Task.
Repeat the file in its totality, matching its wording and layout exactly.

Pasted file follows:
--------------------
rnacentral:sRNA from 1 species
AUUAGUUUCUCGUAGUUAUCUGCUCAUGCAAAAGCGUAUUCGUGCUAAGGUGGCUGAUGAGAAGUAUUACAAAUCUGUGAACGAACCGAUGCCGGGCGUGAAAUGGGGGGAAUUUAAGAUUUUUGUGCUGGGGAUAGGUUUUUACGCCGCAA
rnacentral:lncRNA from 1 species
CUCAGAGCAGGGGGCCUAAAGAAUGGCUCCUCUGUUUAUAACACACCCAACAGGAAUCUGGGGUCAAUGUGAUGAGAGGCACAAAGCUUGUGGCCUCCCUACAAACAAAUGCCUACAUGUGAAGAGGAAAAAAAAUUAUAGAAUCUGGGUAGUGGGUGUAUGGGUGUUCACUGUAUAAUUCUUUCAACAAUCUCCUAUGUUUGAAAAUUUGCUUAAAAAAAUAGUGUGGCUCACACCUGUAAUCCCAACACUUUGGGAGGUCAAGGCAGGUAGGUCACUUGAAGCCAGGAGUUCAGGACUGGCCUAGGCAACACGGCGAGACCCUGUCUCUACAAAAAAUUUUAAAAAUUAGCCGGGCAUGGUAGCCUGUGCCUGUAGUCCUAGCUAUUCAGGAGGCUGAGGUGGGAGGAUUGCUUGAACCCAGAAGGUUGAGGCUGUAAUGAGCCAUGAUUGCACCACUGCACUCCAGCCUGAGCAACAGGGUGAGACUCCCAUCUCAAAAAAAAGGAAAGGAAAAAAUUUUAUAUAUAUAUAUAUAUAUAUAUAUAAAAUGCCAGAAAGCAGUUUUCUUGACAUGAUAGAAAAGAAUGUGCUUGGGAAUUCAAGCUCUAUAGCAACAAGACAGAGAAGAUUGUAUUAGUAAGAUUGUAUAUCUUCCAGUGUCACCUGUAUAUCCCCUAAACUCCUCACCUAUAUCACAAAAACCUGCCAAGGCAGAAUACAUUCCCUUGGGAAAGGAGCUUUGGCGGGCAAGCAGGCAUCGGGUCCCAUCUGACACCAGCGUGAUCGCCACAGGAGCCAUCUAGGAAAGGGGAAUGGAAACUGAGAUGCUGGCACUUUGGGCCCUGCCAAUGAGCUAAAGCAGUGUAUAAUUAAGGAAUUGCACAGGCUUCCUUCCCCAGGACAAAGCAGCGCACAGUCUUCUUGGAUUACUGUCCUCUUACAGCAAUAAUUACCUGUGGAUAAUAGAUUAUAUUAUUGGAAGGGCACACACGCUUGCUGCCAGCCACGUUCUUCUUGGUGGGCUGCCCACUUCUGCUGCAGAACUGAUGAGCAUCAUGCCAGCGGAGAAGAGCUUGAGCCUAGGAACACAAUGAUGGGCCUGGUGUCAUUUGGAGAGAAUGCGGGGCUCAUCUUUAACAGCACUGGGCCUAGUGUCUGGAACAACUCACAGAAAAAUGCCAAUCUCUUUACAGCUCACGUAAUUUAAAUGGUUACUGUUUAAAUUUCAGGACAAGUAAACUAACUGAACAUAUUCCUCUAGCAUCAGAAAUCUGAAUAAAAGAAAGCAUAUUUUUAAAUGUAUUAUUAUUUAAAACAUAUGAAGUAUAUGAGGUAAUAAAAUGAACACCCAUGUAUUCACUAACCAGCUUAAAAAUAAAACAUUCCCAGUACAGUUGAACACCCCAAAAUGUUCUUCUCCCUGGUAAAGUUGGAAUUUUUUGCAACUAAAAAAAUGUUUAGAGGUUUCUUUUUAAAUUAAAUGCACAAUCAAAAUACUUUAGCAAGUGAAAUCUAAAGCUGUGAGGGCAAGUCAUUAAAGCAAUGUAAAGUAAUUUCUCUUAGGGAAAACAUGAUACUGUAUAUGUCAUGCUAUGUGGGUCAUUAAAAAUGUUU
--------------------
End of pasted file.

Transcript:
rnacentral:sRNA from 1 species
AUUAGUUUCUCGUAGUUAUCUGCUCAUGCAAAAGCGUAUUCGUGCUAAGGUGGCUGAUGAGAAGUAUUACAAAUCUGUGAACGAACCGAUGCCGGGCGUGAAAUGGGGGGAAUUUAAGAUUUUUGUGCUGGGGAUAGGUUUUUACGCCGCAA
rnacentral:lncRNA from 1 species
CUCAGAGCAGGGGGCCUAAAGAAUGGCUCCUCUGUUUAUAACACACCCAACAGGAAUCUGGGGUCAAUGUGAUGAGAGGCACAAAGCUUGUGGCCUCCCUACAAACAAAUGCCUACAUGUGAAGAGGAAAAAAAAUUAUAGAAUCUGGGUAGUGGGUGUAUGGGUGUUCACUGUAUAAUUCUUUCAACAAUCUCCUAUGUUUGAAAAUUUGCUUAAAAAAAUAGUGUGGCUCACACCUGUAAUCCCAACACUUUGGGAGGUCAAGGCAGGUAGGUCACUUGAAGCCAGGAGUUCAGGACUGGCCUAGGCAACACGGCGAGACCCUGUCUCUACAAAAAAUUUUAAAAAUUAGCCGGGCAUGGUAGCCUGUGCCUGUAGUCCUAGCUAUUCAGGAGGCUGAGGUGGGAGGAUUGCUUGAACCCAGAAGGUUGAGGCUGUAAUGAGCCAUGAUUGCACCACUGCACUCCAGCCUGAGCAACAGGGUGAGACUCCCAUCUCAAAAAAAAGGAAAGGAAAAAAUUUUAUAUAUAUAUAUAUAUAUAUAUAUAAAAUGCCAGAAAGCAGUUUUCUUGACAUGAUAGAAAAGAAUGUGCUUGGGAAUUCAAGCUCUAUAGCAACAAGACAGAGAAGAUUGUAUUAGUAAGAUUGUAUAUCUUCCAGUGUCACCUGUAUAUCCCCUAAACUCCUCACCUAUAUCACAAAAACCUGCCAAGGCAGAAUACAUUCCCUUGGGAAAGGAGCUUUGGCGGGCAAGCAGGCAUCGGGUCCCAUCUGACACCAGCGUGAUCGCCACAGGAGCCAUCUAGGAAAGGGGAAUGGAAACUGAGAUGCUGGCACUUUGGGCCCUGCCAAUGAGCUAAAGCAGUGUAUAAUUAAGGAAUUGCACAGGCUUCCUUCCCCAGGACAAAGCAGCGCACAGUCUUCUUGGAUUACUGUCCUCUUACAGCAAUAAUUACCUGUGGAUAAUAGAUUAUAUUAUUGGAAGGGCACACACGCUUGCUGCCAGCCACGUUCUUCUUGGUGGGCUGCCCACUUCUGCUGCAGAACUGAUGAGCAUCAUGCCAGCGGAGAAGAGCUUGAGCCUAGGAACACAAUGAUGGGCCUGGUGUCAUUUGGAGAGAAUGCGGGGCUCAUCUUUAACAGCACUGGGCCUAGUGUCUGGAACAACUCACAGAAAAAUGCCAAUCUCUUUACAGCUCACGUAAUUUAAAUGGUUACUGUUUAAAUUUCAGGACAAGUAAACUAACUGAACAUAUUCCUCUAGCAUCAGAAAUCUGAAUAAAAGAAAGCAUAUUUUUAAAUGUAUUAUUAUUUAAAACAUAUGAAGUAUAUGAGGUAAUAAAAUGAACACCCAUGUAUUCACUAACCAGCUUAAAAAUAAAACAUUCCCAGUACAGUUGAACACCCCAAAAUGUUCUUCUCCCUGGUAAAGUUGGAAUUUUUUGCAACUAAAAAAAUGUUUAGAGGUUUCUUUUUAAAUUAAAUGCACAAUCAAAAUACUUUAGCAAGUGAAAUCUAAAGCUGUGAGGGCAAGUCAUUAAAGCAAUGUAAAGUAAUUUCUCUUAGGGAAAACAUGAUACUGUAUAUGUCAUGCUAUGUGGGUCAUUAAAAAUGUUU